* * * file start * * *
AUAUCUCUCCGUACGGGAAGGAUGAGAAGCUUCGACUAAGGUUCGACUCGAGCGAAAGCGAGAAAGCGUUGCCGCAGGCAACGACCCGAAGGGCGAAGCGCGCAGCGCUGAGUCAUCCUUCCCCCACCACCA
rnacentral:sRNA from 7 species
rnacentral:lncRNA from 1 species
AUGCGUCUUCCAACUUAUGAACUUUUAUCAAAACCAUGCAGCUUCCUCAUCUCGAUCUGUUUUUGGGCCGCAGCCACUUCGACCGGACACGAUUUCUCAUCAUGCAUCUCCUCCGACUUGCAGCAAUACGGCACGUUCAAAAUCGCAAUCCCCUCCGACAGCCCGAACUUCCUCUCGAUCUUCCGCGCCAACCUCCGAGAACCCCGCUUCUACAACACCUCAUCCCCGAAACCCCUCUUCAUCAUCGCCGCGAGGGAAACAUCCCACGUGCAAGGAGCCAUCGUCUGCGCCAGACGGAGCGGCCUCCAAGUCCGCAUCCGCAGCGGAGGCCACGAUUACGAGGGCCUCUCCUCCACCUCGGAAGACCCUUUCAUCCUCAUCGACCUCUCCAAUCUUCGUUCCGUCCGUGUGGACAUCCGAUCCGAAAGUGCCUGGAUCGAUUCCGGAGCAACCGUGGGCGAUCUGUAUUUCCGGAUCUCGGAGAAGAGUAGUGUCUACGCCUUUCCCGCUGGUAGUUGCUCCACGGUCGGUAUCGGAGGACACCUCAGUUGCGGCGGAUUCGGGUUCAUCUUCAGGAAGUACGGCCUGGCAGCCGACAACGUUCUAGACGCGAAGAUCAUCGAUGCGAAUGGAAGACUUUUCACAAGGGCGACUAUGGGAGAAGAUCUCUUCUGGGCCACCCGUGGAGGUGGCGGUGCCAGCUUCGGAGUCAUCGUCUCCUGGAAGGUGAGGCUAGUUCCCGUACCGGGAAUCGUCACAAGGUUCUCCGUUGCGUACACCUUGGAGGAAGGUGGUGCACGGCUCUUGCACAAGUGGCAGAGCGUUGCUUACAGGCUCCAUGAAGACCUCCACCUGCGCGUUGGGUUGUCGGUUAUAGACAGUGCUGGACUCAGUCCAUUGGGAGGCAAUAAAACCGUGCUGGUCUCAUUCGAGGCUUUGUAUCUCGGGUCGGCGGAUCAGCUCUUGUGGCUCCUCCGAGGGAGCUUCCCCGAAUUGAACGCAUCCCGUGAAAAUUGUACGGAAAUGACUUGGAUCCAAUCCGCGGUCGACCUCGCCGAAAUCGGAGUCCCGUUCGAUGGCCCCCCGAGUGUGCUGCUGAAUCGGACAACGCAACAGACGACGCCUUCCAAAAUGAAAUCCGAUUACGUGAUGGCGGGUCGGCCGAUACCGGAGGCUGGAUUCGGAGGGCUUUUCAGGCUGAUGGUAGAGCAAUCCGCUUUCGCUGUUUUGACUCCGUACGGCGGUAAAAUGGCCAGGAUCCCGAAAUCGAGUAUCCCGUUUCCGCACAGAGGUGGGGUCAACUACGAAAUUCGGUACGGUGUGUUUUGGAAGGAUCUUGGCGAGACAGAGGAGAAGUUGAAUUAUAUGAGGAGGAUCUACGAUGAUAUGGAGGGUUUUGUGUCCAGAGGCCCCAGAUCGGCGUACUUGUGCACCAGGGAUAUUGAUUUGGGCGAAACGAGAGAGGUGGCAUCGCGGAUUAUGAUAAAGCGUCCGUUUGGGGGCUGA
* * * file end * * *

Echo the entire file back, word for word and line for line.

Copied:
AUAUCUCUCCGUACGGGAAGGAUGAGAAGCUUCGACUAAGGUUCGACUCGAGCGAAAGCGAGAAAGCGUUGCCGCAGGCAACGACCCGAAGGGCGAAGCGCGCAGCGCUGAGUCAUCCUUCCCCCACCACCA
rnacentral:sRNA from 7 species
rnacentral:lncRNA from 1 species
AUGCGUCUUCCAACUUAUGAACUUUUAUCAAAACCAUGCAGCUUCCUCAUCUCGAUCUGUUUUUGGGCCGCAGCCACUUCGACCGGACACGAUUUCUCAUCAUGCAUCUCCUCCGACUUGCAGCAAUACGGCACGUUCAAAAUCGCAAUCCCCUCCGACAGCCCGAACUUCCUCUCGAUCUUCCGCGCCAACCUCCGAGAACCCCGCUUCUACAACACCUCAUCCCCGAAACCCCUCUUCAUCAUCGCCGCGAGGGAAACAUCCCACGUGCAAGGAGCCAUCGUCUGCGCCAGACGGAGCGGCCUCCAAGUCCGCAUCCGCAGCGGAGGCCACGAUUACGAGGGCCUCUCCUCCACCUCGGAAGACCCUUUCAUCCUCAUCGACCUCUCCAAUCUUCGUUCCGUCCGUGUGGACAUCCGAUCCGAAAGUGCCUGGAUCGAUUCCGGAGCAACCGUGGGCGAUCUGUAUUUCCGGAUCUCGGAGAAGAGUAGUGUCUACGCCUUUCCCGCUGGUAGUUGCUCCACGGUCGGUAUCGGAGGACACCUCAGUUGCGGCGGAUUCGGGUUCAUCUUCAGGAAGUACGGCCUGGCAGCCGACAACGUUCUAGACGCGAAGAUCAUCGAUGCGAAUGGAAGACUUUUCACAAGGGCGACUAUGGGAGAAGAUCUCUUCUGGGCCACCCGUGGAGGUGGCGGUGCCAGCUUCGGAGUCAUCGUCUCCUGGAAGGUGAGGCUAGUUCCCGUACCGGGAAUCGUCACAAGGUUCUCCGUUGCGUACACCUUGGAGGAAGGUGGUGCACGGCUCUUGCACAAGUGGCAGAGCGUUGCUUACAGGCUCCAUGAAGACCUCCACCUGCGCGUUGGGUUGUCGGUUAUAGACAGUGCUGGACUCAGUCCAUUGGGAGGCAAUAAAACCGUGCUGGUCUCAUUCGAGGCUUUGUAUCUCGGGUCGGCGGAUCAGCUCUUGUGGCUCCUCCGAGGGAGCUUCCCCGAAUUGAACGCAUCCCGUGAAAAUUGUACGGAAAUGACUUGGAUCCAAUCCGCGGUCGACCUCGCCGAAAUCGGAGUCCCGUUCGAUGGCCCCCCGAGUGUGCUGCUGAAUCGGACAACGCAACAGACGACGCCUUCCAAAAUGAAAUCCGAUUACGUGAUGGCGGGUCGGCCGAUACCGGAGGCUGGAUUCGGAGGGCUUUUCAGGCUGAUGGUAGAGCAAUCCGCUUUCGCUGUUUUGACUCCGUACGGCGGUAAAAUGGCCAGGAUCCCGAAAUCGAGUAUCCCGUUUCCGCACAGAGGUGGGGUCAACUACGAAAUUCGGUACGGUGUGUUUUGGAAGGAUCUUGGCGAGACAGAGGAGAAGUUGAAUUAUAUGAGGAGGAUCUACGAUGAUAUGGAGGGUUUUGUGUCCAGAGGCCCCAGAUCGGCGUACUUGUGCACCAGGGAUAUUGAUUUGGGCGAAACGAGAGAGGUGGCAUCGCGGAUUAUGAUAAAGCGUCCGUUUGGGGGCUGA